Ok, I’ll admit, I was not impressed when I arrived at Exmouth and the Ningaloo Coast and discovered that there was no free camping allowed anywhere on the peninsula. What do you mean I’d have to PAY for accommodation?? Madness! Last time I paid to stay somewhere was back in Queensland. I was not happy. So sorry fellow free campers, I have no advice to share in this post on that topic.
But Exmouth and the Ningaloo Coast very quickly overcame my begrudging mood. This is some of the most beautiful scenery, and the best snorkelling I’ve seen (yes, better than the Great Barrier Reef in my opinion!), although I can’t claim to be anywhere near an expert on that subject. I set up camp at the Yardie Homestead Caravan Park, the furthest from town, but by far the cheapest. Really nice staff, good facilities (no free wifi though), and being the furthest from town also meant that it was the closest to the best of the coast and Cape Range National Park. Winning!
My favourite place along this World Heritage listed area was Turquoise Bay, an extremely famous beach that, yes, was busy even in the off-peak season, but still absolutely worth your time going. The beach, one of MANY you can explore, definitely lives up to its name, but is also known for its Drift snorkel. Here, the coral is very close to shore, and a gentle current pulls you over the top of it so you barely even have to swim! Careful you don’t drift too far, as at the north end of the beach the current grows a lot stronger, so make sure you jump out before then. I saw more fish than I’ve seen anywhere else; at one point I looked up to find myself surrounded by about a hundred two-foot long fish staring curiously at me. That was a ‘holy s**t’ moment right there.
Around the corner is the other half of Turquoise Bay. Here, the coral isn’t so impressive, but maybe I just didn’t swim out far enough. I did, however, see a stingray, my first, which I got stupidly excited about until Steve Irwin flashed in my mind and I carefully backed off. And when two emus appear out of the bush and trot down to the water’s edge for a very ungraceful bath (think legs and wings and neck EVERYWHERE), it’s quite an experience. Added bonus: ticking another animal off my Australian wildlife bucket list!
If floating lazily along beautiful blue waters while checking out the local marine life isn’t adrenaline-pumping enough for you, I recommend doing the Mandu Mandu Gorge walk nearby. This trail isn’t particularly strenuous, but the short, steep sections and high temperatures will definitely get you working up a sweat. Start by walking up the dry river bed into the gorge (say hi to the wallabies as you go!), then follow the path up and around to the top of the cliffs. Here, you are rewarded by a stunning vista of red gorge walls, white river bed and green vegetation all rolling down to the varying blues of the reef along the coastline. Beautiful.
Other points of interest to keep you occupied are the Vlamingh Head Lighthouse with amazing views in every direction (it’s also about the only place in Australia you can watch both the sunrise and sunset over the ocean), and the SS Mildura, wrecked on the reef in 1907, which can be seen from the beach. I also rather enjoyed Pebble Beach (points for guessing how it got its name) to the south of the town.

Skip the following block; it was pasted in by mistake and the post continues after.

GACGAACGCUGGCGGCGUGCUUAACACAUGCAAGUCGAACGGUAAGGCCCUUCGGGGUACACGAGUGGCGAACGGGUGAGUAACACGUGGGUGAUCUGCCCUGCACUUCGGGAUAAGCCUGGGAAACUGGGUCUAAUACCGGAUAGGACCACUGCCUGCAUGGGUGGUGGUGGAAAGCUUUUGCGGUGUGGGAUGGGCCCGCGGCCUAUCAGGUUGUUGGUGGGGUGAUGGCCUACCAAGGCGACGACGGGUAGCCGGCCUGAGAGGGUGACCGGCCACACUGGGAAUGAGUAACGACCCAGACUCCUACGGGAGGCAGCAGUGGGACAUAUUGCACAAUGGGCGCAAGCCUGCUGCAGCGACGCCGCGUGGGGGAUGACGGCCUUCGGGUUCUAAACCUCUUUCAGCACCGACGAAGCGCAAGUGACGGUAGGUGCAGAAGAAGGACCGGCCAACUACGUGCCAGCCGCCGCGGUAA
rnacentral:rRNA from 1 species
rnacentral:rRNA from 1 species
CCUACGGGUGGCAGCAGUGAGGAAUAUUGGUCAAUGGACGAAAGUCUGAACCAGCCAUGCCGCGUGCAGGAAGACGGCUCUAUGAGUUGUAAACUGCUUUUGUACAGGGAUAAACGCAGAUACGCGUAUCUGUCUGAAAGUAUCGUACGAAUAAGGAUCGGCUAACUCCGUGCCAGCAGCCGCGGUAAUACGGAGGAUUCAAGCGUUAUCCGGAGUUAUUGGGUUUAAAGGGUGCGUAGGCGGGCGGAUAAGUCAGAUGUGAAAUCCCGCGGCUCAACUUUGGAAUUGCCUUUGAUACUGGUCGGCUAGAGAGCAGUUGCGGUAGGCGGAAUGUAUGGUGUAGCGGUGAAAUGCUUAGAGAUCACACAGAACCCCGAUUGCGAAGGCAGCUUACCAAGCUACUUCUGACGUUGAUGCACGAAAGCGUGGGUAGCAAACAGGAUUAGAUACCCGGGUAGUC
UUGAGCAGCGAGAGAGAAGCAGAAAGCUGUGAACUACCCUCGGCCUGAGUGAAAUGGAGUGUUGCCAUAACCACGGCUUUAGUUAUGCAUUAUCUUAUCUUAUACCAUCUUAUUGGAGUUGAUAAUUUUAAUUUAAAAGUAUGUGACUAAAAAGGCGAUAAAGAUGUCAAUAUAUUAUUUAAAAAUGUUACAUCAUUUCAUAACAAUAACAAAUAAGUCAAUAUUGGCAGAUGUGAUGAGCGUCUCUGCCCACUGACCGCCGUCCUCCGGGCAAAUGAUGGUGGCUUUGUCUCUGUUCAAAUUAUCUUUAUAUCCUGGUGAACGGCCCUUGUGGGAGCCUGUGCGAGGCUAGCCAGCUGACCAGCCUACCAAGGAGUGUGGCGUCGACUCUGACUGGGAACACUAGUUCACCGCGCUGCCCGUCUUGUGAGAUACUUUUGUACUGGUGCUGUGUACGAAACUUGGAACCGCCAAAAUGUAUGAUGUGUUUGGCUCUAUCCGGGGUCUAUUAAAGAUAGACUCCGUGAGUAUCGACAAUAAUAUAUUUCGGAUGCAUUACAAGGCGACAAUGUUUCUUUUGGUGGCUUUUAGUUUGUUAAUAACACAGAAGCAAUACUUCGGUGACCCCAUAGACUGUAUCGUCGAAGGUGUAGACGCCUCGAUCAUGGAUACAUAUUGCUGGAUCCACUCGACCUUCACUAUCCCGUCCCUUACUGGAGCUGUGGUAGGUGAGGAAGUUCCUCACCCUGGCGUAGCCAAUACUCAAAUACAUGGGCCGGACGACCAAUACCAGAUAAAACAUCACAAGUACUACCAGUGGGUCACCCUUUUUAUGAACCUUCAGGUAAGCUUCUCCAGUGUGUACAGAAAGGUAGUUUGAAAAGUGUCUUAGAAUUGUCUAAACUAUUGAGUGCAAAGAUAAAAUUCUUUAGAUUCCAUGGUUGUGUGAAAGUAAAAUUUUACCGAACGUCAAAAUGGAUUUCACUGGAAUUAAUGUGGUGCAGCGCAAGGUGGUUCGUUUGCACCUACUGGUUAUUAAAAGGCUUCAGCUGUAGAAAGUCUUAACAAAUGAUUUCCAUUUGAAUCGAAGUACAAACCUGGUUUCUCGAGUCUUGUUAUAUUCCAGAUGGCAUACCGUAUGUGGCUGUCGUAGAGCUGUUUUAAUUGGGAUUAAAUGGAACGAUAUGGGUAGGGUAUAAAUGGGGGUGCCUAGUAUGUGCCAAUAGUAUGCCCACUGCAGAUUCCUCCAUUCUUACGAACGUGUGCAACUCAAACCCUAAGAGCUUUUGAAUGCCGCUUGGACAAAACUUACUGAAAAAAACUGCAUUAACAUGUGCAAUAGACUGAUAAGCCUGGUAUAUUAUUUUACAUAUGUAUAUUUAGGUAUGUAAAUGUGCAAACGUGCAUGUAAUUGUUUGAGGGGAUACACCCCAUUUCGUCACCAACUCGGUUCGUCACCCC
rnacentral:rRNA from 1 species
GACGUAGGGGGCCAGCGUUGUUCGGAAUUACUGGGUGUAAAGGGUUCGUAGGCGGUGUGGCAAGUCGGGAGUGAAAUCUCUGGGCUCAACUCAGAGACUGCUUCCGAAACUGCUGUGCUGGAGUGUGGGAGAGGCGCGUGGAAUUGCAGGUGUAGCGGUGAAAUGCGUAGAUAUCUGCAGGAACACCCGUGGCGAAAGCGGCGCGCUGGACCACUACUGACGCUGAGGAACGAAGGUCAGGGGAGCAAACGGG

There are a couple of hikes you can access from the eastern side of the national park – Shothole Canyon is a popular one, and something I regret not doing when I was in the area. If you ever go, you have to tell me about it!
I only explored a fraction of the area; Cape Range National Park itself could keep you occupied for days. But what I did see was more than enough to convince me that the Ningaloo Coast is definitely worth visiting, even without the free camping. Plus, it’s a UNESCO World Heritage Site – need I say more?
It costs $11 for a one-off vehicle pass into Cape Range National Park. There are also designated camping spots, which incur an extra charge if you use them. It is not allowed to camp anywhere other than these places. Passes can be bought at the visitor centre in Exmouth or at the ranger office at the park entrance.
Entry from the north (i.e. Exmouth) is on a sealed tar road, so it’s perfect for 2WD vehicles. Up to a certain point, that is. Most of the beaches are accessible by 2WD, but further into the park it turns into more difficult terrain and a 4WD is required.
There is no fresh water available in the park, so be sure to bring plenty with you.
Accommodation options are plentiful, if pricey, in the Ningaloo region. Exmouth is a fairly large town with many hotels and guesthouses for the many tourists that pass through. For a cheaper option, try one of the Caravan Parks – there’s the Yardie Homestead near the entrance to the park, the Lighthouse Caravan Park near the lighthouse (duh), and several others closer to Exmouth itself.
If you get there at the right time of year, the Ningaloo Coast is also home to migrating humpbacks, dolphins and whale sharks, the last one being the region’s biggest tourist draw. Just make sure to use a reputable company if you take a tour to see the whale sharks.
Have you ever been to the Ningaloo Coast? Did you enjoy it as much as I did? Or are you aching to visit it’s turquoise waters and white sands?
Welcome to This Wild Life of Mine (previously known as Life of Dearbh)
When a love of travel meets a passion for wildlife…
I’m a zoologist who explores the world while working for conservation organisations. I write about my experiences in the hope of inspiring others to follow their dreams and see the beauty of this earth – in a responsible and ethical way.